Guest Blog: Creating a Community Quilt by Daliah Silver, Maker-in-Residence

Harold Washington Library Center's Fall Maker-in-Residence, Daliah Silver, reveals the inspiration, creativity and sustainable processes involved in creating the Chicago Public Library Community Quilt. The CPL Community Quilt is on display now along State Street at Harold Washington Library Center until June 30, 2024.

As the Maker-in-Residence with Chicago Public Library, I taught 9 classes on the power of words and storytelling, finding inspiration, and making space for your own voice, all through the medium of quilts. During each class I asked patrons to answer the following questions: “What does the Library mean to you? Why do you keep returning to the Library? What values does the Library hold in your life?” Each patron wrote down a word or phrase that best answered this question, which I collected at the end of each class.  Over the course of the past few weeks, I have been slowly embroidering those words into a large community quilt.

Community Quilts have a long history in the world of textiles. Throughout history, people, especially women, would come together, leaning over communal cloth, stitching thread through layers of fabric and batting, sharing stories, knowledge, and memories. More organised quilting bees include the Hoosier Suffragette Quilt, the AIDS Memorial Quilt, and the Freedom Quilting Bee in Gee’s Bend, Alabama.

Inspired by the colours of the 150th anniversary of the Chicago Public Library, to prepare the quilt, I delved into my fabric stash, gathering scraps of yellows, whites, creams, and greens. The center of the quilt showcases a variety of fabric: golden yellow from one of the first quilts I made for a sick and grieving friend, dark green from a quilt for my nephew, sage green from a “maker box” - cast off scraps of a local clothing company, who send off their unused fabric so folks can repurpose textiles into art, and a bright yellow for a quilt I am currently working on to sit under in the cold Winter nights. The rest of the fabric was acquired from The WasteShed, a nonprofit creative reuse center in Chicago and Evanston, providing second hand, gently used art supplies.

Sustainability and low waste is an essential part of my practice. Americans throw out 17 million tons of textile waste each year, and the average garment is worn 7 times before it is tossed away. While we assume and hope makers are cognisant of their fabric consumption and waste as they work, there are always bits we don’t use. We buy new fabric, then decide it no longer suits our needs.  We buy more than we need and have yards left over. We throw scraps out, even scraps that could have been used for other, smaller, projects. My goal is to always search first through my stash, then secondhand art stores, and finally thrift stores, to see if there is old clothing I can rip up and sew up into something new.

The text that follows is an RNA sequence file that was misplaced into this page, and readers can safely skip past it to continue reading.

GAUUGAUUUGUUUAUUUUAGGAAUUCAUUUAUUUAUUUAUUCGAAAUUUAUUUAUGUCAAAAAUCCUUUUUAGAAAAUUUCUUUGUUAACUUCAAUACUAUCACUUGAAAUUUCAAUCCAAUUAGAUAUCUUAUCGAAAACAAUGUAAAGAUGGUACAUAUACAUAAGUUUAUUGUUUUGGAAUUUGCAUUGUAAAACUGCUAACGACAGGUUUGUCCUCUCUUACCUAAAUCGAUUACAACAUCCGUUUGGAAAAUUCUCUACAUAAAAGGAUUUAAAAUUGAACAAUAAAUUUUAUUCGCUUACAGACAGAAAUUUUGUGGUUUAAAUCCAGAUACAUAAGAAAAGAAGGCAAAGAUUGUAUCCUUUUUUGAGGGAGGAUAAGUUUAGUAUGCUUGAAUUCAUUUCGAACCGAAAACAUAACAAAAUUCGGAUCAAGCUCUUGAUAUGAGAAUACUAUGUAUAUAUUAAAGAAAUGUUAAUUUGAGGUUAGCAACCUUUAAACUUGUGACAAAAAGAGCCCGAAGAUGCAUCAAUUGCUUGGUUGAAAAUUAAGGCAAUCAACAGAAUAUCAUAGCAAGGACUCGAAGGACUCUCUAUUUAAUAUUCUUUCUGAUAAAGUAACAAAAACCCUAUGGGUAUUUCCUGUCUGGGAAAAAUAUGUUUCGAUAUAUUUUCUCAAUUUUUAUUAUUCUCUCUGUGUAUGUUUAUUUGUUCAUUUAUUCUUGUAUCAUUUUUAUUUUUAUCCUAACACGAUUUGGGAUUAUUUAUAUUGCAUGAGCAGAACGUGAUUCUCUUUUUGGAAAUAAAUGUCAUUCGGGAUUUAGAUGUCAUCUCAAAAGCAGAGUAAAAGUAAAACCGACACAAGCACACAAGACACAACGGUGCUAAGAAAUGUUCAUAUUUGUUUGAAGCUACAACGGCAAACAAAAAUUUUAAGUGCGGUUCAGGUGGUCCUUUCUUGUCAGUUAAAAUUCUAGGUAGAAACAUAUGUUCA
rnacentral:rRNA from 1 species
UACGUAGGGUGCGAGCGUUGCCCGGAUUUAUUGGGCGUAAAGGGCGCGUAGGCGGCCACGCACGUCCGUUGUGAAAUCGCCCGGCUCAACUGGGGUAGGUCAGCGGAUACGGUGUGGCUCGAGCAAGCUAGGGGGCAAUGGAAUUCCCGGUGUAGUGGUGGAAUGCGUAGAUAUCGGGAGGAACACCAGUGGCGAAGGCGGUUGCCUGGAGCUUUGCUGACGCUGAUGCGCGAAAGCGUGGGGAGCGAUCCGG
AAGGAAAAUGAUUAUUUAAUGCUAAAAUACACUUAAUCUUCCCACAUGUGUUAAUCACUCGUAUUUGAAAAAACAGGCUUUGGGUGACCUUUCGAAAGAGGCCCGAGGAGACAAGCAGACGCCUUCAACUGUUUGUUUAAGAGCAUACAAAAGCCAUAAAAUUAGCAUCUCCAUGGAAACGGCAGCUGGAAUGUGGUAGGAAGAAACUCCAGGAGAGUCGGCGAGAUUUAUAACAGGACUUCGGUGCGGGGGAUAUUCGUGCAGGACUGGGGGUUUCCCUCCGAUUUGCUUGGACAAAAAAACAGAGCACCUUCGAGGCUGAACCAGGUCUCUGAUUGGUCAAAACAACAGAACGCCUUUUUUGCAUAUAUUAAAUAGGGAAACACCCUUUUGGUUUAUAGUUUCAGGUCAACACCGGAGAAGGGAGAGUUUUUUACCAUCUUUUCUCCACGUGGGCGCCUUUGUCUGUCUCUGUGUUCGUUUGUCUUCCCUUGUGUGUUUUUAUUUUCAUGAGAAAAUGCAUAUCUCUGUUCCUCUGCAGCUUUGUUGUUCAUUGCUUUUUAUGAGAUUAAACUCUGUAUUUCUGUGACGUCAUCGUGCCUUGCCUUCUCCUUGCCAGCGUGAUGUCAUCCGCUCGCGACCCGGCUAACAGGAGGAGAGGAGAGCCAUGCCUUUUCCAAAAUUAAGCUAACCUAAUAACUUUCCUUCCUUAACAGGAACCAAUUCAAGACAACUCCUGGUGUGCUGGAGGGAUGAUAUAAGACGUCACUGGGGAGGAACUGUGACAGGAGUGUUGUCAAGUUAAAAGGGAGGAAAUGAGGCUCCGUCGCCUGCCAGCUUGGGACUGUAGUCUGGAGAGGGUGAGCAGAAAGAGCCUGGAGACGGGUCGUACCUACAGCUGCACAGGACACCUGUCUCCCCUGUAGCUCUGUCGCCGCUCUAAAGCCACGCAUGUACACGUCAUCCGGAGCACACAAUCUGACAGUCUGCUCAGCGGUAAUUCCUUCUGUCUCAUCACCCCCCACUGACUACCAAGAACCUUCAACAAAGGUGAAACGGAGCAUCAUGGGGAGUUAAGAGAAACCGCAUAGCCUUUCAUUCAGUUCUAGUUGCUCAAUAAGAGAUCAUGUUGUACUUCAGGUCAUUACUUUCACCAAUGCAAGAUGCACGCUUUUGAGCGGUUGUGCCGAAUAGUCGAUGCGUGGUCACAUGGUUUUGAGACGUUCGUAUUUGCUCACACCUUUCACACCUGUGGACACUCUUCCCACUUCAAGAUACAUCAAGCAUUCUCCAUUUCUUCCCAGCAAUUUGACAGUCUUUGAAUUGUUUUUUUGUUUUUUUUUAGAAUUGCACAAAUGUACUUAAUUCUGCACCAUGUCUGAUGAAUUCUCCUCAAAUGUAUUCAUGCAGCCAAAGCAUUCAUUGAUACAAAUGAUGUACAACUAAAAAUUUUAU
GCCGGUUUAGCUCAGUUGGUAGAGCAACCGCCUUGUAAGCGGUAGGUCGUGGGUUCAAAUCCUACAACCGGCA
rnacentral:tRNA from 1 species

The Chicago Public Library Community Quilt is composed of a hodge podge of various fabrics, some natural, such as cotton and linen, and some synthetic (you can see a small burn mark in one corner of the quilt where I forgot to switch my iron setting.  Synthetic fabric, as it is made of plastic, is more susceptible to burning, as opposed to linen or cotton, which can be ironed on a higher setting). The Star Block, a common quilt block design, often referred to as the Carpenter Star Block, is one of my favorites to create, allowing me to play with colour and placement to create an ever changing design within the same motif. I sewed the stars together, then collected all the words patrons provided and stitched them in the “blank spaces” between the stars. Many words repeated on a variation, so I combined them into one block, to showcase the collective experience of the CPL patrons. Hand stitching each word was an honor, to pause and make space for every person who passes through the doors of the Library, who find what they need between the stacks of books.

Once the top was assembled, I lay the back (pieced together of all the leftover, unused fabric) on the floor, lay the batting on top, and began to pin baste the top, sandwiching the three pieces together. I hand stitched the layers with quilters cotton thread, also from The WasteShed. My preference is always to hand stitch my quilts, as it allows me more time with the quilts, meticulously leaning over every inch of the quilt, and provides me the chance to lay under the quilt one last time.  The binding and loops were added at the end, closing out the project and my role as the Fall Maker-in-Residence with the Chicago Public Library.

Learn more about Maker Lab equipment or check out our upcoming classes.

The Maker-in-Residence is generously funded by the Chicago Public Library Foundation.